Tapa is the name used for bark cloth in the Cook Islands. In the northern Cook Islands the paper mulberry did not grow well. But it did grow in the southern Cook Islands and was made into tapa there. As in other Polynesian islands, the breadfruit tree bark and banyan bark were also used to make tapa. In the southern Cooks tapa was felted into a single layer, with no sign of joining.
Decorating the finished tapa was done with freehand painting, immersion in dye baths, or it was cut with designs in a patterned motif. The rubbing method using design tablets was not used in the Cook Islands. Diamond motifs, which were “associated with the sacred world of the gods,” were applied on masks using the freehand painting method. Masks were made and decorated in Mangaia and Rarotonga and they were used in pageants called eva, to remember gods and cultural heroes. These ceremonies also were performed in association with mourning.
Tiputa was worn as clothing in the Cook Islands, in the Tahitian style that is believed to have been the result of the strong missionary influence. The tiputa was fashioned as a long piece of tapa that had a hole cut into the middle to be worn on the body like a poncho. Pants were made too. Articles of clothing were cut at the edges in fringes and cuts were made throughout the article in repetitive patterns, as in Futuna.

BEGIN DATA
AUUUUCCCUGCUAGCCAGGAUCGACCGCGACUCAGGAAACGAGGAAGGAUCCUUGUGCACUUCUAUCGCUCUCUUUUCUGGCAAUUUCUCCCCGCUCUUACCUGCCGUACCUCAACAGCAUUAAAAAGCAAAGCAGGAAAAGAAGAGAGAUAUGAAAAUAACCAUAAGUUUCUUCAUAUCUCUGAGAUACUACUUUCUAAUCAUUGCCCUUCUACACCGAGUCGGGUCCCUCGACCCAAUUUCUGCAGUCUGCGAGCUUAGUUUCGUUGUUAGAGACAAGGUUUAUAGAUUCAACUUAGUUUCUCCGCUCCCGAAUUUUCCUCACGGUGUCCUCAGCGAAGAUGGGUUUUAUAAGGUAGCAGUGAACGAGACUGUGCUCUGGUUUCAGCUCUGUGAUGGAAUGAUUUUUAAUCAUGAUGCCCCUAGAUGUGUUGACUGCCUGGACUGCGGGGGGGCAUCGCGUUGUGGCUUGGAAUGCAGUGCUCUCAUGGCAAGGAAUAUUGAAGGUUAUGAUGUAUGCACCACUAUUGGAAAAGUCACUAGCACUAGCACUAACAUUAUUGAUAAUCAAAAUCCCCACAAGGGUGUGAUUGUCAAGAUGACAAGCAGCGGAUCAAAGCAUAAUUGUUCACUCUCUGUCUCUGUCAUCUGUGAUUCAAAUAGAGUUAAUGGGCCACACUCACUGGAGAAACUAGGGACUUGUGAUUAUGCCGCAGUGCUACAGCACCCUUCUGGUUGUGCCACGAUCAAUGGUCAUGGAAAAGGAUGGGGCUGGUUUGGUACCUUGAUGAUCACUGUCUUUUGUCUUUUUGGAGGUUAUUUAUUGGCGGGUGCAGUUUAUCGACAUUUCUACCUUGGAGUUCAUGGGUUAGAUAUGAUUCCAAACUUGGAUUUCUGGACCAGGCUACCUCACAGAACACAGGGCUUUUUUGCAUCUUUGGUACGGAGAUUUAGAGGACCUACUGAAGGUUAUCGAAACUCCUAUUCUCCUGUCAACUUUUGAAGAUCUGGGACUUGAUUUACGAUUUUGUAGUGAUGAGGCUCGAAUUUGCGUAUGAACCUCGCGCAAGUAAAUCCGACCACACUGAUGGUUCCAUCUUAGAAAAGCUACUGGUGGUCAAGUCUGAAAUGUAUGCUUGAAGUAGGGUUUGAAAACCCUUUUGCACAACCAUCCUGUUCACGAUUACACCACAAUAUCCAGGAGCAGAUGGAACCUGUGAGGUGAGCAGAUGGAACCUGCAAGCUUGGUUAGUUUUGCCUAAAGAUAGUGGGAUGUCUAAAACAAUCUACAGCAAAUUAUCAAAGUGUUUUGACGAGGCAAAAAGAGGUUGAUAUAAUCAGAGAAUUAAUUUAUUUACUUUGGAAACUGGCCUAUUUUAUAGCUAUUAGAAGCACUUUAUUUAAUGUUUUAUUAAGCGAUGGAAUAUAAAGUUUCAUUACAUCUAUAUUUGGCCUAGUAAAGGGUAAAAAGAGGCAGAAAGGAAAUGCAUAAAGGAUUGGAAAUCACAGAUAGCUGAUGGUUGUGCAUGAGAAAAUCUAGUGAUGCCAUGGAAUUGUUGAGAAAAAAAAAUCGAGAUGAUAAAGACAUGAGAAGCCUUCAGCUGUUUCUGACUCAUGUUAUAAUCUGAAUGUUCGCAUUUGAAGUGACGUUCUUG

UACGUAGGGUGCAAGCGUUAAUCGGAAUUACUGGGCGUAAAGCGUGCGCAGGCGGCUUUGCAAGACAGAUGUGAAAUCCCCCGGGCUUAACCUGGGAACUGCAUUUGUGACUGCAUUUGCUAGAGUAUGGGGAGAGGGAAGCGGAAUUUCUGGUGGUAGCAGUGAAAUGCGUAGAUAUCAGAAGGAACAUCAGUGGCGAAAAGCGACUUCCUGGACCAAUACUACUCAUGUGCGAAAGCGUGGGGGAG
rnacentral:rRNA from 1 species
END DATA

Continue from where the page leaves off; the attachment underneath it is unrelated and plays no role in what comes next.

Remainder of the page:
In the Cook Islands, as elsewhere in Polynesia, making bark cloth was done by women. However, a special, heavier, white cloth called tikoru was made by men. This was a special ceremonial bark cloth that was used to wrap around god images and was the attire of priests and high chiefs. This use may reflect the connection to spiritual beliefs that the chief and priests are descendant from the gods themselves.
(Neich & Pendergrast, Pacific Tapa, 1997).